I believe our industry needs to continue focusing on human aspects and interactions within all of our trials. Trials need to be easily understood and specific so that providers and parents can follow them without confusion or varied interpretation. I suspect that the most easily understood trials will be more welcome and applied at sites.
Pediatric oncology is an area that operates off of limited resources. It’s a rare disease by definition in the US because less than 200,000 children are diagnosed every year. Many first line standard of care treatment recommendations have been in place for 10, if not 20 years. While they may be the best-known treatment options, they still may only have a 70-80% cure rate.
For example, for a child with an incomplete resected low-grade brain tumor, his or her first line treatment is 15 months of outpatient therapy. This is the same treatment regimen used 17 years ago when I started in pediatric oncology practice. Those 15 months are long, where they have to come in every month, sometimes every week, throughout therapy. If the tumor recurs or starts to grow, they move on to a different treatment. That can sometimes lead to many more repeated therapy recommendations if it doesn’t stop the tumors regrowth once and for all. But for now, this is the best treatment option we know.
I’m passionate about advocating for new therapies for patients like these where we can simply do better. It’s time for new therapies that especially help relapsed patients, patients that don't have good first line therapy, and patients who are treated on several different regiments.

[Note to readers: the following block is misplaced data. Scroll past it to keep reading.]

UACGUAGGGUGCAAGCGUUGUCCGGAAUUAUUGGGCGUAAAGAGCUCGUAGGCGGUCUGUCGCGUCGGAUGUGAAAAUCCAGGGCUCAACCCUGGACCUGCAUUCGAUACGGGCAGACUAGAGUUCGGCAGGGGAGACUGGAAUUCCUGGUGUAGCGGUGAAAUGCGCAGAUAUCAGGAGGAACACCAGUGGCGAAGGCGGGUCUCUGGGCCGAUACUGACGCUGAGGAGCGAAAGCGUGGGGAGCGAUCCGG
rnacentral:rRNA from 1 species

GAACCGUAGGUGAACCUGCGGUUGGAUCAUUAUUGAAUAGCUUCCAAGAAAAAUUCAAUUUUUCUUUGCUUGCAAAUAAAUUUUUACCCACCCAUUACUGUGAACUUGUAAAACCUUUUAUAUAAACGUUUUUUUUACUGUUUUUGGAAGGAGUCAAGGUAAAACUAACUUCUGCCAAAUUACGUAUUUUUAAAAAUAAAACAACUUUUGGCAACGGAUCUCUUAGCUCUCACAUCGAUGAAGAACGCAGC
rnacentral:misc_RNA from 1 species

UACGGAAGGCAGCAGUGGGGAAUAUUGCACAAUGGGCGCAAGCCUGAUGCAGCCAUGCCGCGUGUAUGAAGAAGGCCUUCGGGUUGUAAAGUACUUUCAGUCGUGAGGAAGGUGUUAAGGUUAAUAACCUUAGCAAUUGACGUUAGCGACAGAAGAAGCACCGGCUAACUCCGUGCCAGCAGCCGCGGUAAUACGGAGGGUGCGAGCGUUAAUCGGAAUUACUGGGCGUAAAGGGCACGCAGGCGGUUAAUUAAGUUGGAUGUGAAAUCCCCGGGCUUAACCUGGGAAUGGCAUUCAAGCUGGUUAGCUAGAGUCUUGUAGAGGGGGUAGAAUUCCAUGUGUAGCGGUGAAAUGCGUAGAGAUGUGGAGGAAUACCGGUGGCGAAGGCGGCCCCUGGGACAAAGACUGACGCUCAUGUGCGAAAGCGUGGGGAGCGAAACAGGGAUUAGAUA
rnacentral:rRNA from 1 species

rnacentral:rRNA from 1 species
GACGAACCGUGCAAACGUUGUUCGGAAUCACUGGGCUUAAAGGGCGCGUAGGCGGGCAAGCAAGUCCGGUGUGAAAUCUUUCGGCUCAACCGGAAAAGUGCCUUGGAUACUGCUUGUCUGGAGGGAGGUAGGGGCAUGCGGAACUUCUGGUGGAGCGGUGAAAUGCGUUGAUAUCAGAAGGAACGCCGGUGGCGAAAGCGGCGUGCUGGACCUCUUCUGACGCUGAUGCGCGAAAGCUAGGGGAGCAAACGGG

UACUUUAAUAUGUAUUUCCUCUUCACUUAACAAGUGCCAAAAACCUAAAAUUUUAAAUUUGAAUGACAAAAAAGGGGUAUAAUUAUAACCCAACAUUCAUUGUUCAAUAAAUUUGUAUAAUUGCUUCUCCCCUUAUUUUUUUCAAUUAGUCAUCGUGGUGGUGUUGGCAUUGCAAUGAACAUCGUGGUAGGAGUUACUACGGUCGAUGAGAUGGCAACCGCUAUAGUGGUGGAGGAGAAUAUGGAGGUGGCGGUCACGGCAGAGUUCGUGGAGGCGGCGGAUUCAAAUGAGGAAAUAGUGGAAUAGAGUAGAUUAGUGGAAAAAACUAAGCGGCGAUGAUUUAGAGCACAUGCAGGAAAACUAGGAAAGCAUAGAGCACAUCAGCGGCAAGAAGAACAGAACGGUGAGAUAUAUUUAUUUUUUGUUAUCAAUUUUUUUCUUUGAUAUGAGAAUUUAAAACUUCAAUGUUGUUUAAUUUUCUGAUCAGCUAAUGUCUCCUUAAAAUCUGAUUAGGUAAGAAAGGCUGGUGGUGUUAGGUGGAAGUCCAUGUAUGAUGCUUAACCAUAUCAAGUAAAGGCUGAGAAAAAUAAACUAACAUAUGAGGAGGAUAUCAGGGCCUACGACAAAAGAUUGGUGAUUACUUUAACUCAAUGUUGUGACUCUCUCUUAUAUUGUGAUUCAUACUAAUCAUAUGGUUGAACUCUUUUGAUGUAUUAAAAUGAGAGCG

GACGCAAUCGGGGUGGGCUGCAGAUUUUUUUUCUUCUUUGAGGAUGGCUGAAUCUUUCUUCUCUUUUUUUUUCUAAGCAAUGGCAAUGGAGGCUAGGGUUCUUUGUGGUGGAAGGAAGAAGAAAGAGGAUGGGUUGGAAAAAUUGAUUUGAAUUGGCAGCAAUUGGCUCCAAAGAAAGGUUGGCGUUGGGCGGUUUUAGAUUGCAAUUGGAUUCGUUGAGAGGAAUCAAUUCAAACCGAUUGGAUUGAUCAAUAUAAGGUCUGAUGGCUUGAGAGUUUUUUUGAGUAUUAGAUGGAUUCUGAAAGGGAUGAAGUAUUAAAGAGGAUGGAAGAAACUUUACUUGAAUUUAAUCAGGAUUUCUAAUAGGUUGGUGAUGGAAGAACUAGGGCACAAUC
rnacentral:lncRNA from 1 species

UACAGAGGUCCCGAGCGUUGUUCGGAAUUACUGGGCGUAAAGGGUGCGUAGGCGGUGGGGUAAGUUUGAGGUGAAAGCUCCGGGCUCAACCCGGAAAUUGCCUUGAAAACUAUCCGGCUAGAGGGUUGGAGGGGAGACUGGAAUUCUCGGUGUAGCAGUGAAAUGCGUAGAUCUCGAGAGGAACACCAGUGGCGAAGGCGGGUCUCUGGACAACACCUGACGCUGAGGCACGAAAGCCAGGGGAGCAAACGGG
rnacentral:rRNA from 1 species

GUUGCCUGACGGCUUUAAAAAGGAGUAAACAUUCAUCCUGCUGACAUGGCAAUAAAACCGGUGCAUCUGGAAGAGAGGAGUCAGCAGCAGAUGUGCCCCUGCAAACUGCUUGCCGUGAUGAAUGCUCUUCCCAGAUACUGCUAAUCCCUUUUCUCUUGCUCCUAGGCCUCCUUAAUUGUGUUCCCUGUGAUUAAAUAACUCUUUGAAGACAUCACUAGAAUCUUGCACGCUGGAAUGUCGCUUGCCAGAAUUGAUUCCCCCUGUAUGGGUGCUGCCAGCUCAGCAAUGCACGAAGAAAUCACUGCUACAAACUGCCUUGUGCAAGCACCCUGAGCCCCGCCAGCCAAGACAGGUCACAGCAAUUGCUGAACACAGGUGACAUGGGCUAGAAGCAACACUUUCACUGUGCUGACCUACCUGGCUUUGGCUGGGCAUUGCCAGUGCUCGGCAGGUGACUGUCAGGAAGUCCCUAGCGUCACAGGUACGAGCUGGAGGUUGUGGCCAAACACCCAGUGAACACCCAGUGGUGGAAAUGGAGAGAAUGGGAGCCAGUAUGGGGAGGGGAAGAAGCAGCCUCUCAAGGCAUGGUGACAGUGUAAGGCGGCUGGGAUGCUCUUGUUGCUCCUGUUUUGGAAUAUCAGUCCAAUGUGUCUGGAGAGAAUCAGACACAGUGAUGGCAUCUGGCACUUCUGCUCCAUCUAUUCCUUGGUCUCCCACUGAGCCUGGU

To do this, collaboration is really important. In the past, the industry has acted independent and very siloed. Between consortia, sponsors, drug companies, and even private institutions like advocacy groups and CROs, we have started and need to continue to work together.
In my heart, I know I can handle all aspects of oncology—the successes, failures, easy days, and hard days. Things vary day to day, but always circle back to the seriousness of a diagnosis or the family dynamics and resources. Regardless if I’m caring from the bedside or from afar, having a handle on my feelings is important for any provider to remember, especially in the world of oncology. Now, at PRA, I’m capitalizing on my experience not only as a pediatric nurse practitioner, but in oncology as well. I didn't have to give up my passion for oncology for this role because it builds upon my experience.
With this opportunity, I still get to do pediatric oncology and I still get to support families. I am content knowing that I'm working on the front end, developing effective pediatric trials while thinking on a larger scale for families who I treated in the moment. I may not be treating them in person anymore, but I don't need that affirmation from the family to tell me “thank you.”
Missy Hansen, Pediatric Strategy Liaison, Center for Pediatric Clinical Development